So that’s why I’m saying I wasn’t shocked. But I take back one part of that … I was shocked by one thing.
I was shocked by how our President responded to Charlottesville.
Our President was given a layup: Denounce white supremacists.
And he couldn’t … and wouldn’t.
He missed … he missed badly.
I think about it like this: The President’s response, in basketball terms … ’cause you may know I know a little about the sport … was just like catching the ball on a fast break — no one else is even past half court — and then tripping on your own feet inside the paint as the ball flies out of bounds.
Should’ve been pretty easy.
It’s disheartening when our President doesn’t understand his words carry a tremendous amount of weight. It’s really hard to see our President refuse to stand up for what’s right — at a time when the country needs it. Especially for minorities. It’s not like we’re talking about taxes or something. We’re talking about the big issue that has divided the country since its birth.
Like I said before, I’m a positive, optimistic person. I really, truly try to live my life with love. I try my hardest to treat everyone the same way, no matter what. I hope my friends would tell you that about me, too.
And here’s how I try to look at what happened in Charlottesville:
First, there are more of us than there are of them.
There are more Americans who want to understand other people — people who look past pigmentation … people who talk with love that can shiver a person’s mind and soul … and people who live to improve not only their families’ lives, but the lives of every family in this beautiful country. There are more of those people than there are people who want to divide, degrade and corrupt us.
I’m not so naive that I think it’s easy. It makes me think of this quote by Albert Einstein that I read: “The world is a dangerous place to live; not because of the people who are evil, but because of the people who don’t do anything about it.” I think he means that, yeah, there are more good people than bad people, but it only matters if the good people act on their values.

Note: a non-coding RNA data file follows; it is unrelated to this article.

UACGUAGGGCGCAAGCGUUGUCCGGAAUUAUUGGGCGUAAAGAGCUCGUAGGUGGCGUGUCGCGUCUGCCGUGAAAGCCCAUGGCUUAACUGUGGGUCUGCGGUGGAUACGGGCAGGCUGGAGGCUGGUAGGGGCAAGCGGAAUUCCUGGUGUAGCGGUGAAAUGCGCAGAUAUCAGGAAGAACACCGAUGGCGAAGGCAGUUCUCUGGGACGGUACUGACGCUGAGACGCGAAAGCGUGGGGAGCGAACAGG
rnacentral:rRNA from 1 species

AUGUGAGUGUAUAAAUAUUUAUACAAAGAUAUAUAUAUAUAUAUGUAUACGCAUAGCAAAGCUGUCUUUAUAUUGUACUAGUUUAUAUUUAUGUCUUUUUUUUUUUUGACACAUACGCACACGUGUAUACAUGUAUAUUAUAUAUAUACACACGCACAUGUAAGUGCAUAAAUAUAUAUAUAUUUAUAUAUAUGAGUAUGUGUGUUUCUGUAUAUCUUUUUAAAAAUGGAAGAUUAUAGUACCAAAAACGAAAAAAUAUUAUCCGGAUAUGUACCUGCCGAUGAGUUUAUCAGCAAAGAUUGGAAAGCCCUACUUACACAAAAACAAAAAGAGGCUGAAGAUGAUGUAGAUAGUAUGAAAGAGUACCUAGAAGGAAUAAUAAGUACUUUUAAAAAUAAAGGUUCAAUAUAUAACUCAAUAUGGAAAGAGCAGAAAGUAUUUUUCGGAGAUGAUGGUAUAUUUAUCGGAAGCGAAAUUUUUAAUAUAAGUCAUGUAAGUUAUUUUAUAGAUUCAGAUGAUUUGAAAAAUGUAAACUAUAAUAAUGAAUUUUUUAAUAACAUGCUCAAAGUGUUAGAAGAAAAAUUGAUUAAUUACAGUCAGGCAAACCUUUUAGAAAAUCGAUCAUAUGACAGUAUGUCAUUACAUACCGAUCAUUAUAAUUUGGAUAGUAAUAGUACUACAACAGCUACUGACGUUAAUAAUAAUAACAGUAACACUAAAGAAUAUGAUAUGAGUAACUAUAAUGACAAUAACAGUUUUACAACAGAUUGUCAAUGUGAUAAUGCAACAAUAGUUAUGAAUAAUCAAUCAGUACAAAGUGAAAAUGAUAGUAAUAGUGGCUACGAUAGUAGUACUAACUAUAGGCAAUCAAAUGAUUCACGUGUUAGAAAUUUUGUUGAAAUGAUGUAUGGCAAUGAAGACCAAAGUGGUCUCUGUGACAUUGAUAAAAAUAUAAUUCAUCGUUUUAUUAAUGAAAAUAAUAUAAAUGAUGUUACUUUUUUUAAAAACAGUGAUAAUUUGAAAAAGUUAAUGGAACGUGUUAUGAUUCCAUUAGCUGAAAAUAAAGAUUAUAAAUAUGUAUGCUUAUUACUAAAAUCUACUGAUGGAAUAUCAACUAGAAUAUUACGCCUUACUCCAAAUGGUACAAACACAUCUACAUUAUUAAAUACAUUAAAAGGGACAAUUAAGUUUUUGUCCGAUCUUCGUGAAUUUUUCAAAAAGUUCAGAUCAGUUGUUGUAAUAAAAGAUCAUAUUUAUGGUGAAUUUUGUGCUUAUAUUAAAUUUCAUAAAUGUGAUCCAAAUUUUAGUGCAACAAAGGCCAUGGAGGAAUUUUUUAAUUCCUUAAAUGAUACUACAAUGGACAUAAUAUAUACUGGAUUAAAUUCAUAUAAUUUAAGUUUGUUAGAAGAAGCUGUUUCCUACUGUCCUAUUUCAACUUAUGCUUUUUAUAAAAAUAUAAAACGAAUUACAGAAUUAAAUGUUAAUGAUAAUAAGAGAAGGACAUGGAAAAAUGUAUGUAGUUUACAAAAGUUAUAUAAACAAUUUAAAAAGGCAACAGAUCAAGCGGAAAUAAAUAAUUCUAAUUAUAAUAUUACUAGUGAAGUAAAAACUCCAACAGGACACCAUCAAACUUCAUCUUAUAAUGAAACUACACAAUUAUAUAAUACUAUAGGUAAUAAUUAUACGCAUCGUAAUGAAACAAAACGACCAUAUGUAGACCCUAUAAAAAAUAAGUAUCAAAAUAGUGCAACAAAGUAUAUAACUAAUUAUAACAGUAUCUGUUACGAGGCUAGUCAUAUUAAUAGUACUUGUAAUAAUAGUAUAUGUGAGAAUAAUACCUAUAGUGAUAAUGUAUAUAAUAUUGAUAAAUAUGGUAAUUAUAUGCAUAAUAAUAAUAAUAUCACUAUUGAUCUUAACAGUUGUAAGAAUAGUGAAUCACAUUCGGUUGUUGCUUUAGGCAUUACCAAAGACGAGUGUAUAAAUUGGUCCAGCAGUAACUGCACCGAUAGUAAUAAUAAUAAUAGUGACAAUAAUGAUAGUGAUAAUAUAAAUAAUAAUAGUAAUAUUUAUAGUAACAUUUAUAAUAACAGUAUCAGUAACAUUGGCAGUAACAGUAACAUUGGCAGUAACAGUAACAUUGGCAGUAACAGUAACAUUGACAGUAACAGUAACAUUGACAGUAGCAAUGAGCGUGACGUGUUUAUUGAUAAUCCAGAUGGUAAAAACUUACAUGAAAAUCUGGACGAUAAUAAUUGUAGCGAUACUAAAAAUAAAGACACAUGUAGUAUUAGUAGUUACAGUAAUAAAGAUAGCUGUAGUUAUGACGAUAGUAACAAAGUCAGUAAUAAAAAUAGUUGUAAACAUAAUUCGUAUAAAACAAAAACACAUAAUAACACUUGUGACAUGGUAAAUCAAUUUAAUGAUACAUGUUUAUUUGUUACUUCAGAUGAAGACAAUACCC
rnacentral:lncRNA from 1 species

Second, I know that some people will downplay what I’m saying because I play in the NBA. They’ll say “stick to sports” and woo-woo-woo. But I believe the culture is changing when it comes to athletes speaking out on the things that really matter.
I know that some people will downplay what I’m saying because I play in the NBA.
Basketball is what I do for a living, not who I am as a man. So as athletes we have a huge opportunity to support what we think is right and to speak up about what we think is wrong.
And to anyone who says, “Stick to sports” … let’s be real: Our President used to host a reality TV show. You’re telling me I can’t voice a political opinion?
Finally, I believe that Charlottesville is not just about one event. It can be a big opportunity to talk to each other more honestly. It’s like the man I met on the way to the airport last week — we only had a short conversation, but it was honest and real. I learned a little bit about what his life has been like, the good and the bad. I’m thankful for that. To me, that’s where everything has to start — standing in someone else’s shoes.
This week, I’m back in Lexington, back to this place that I feel I can call home. Like we say here, we “bleed blue.” We come together over basketball. Lexington is not perfect … it is part of our country’s history as well … but the sense of community gives me hope. My hope is that everyone of all races can feel this way about where they call home.
I want to live my life with love but also with action. I hope to have more conversations and discussions about how to celebrate love and reject the type of hate we saw in Charlottesville.
We have to love each other more, and we have to show it more. I know that for sure.
Thank you for reading. With love,